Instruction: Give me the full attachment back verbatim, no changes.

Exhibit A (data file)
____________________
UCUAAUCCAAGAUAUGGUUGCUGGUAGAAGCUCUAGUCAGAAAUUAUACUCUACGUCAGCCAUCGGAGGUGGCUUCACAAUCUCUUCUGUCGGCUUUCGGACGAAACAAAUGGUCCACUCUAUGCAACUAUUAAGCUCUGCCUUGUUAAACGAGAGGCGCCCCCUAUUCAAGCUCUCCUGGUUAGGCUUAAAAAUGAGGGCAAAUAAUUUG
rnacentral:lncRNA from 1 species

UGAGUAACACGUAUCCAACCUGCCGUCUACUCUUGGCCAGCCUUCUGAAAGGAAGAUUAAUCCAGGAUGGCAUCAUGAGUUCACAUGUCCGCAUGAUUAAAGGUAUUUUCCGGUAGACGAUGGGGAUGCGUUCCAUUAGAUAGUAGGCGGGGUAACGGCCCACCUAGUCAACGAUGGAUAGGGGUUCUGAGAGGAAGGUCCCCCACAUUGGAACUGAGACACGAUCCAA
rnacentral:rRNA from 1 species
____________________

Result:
UCUAAUCCAAGAUAUGGUUGCUGGUAGAAGCUCUAGUCAGAAAUUAUACUCUACGUCAGCCAUCGGAGGUGGCUUCACAAUCUCUUCUGUCGGCUUUCGGACGAAACAAAUGGUCCACUCUAUGCAACUAUUAAGCUCUGCCUUGUUAAACGAGAGGCGCCCCCUAUUCAAGCUCUCCUGGUUAGGCUUAAAAAUGAGGGCAAAUAAUUUG
rnacentral:lncRNA from 1 species

UGAGUAACACGUAUCCAACCUGCCGUCUACUCUUGGCCAGCCUUCUGAAAGGAAGAUUAAUCCAGGAUGGCAUCAUGAGUUCACAUGUCCGCAUGAUUAAAGGUAUUUUCCGGUAGACGAUGGGGAUGCGUUCCAUUAGAUAGUAGGCGGGGUAACGGCCCACCUAGUCAACGAUGGAUAGGGGUUCUGAGAGGAAGGUCCCCCACAUUGGAACUGAGACACGAUCCAA
rnacentral:rRNA from 1 species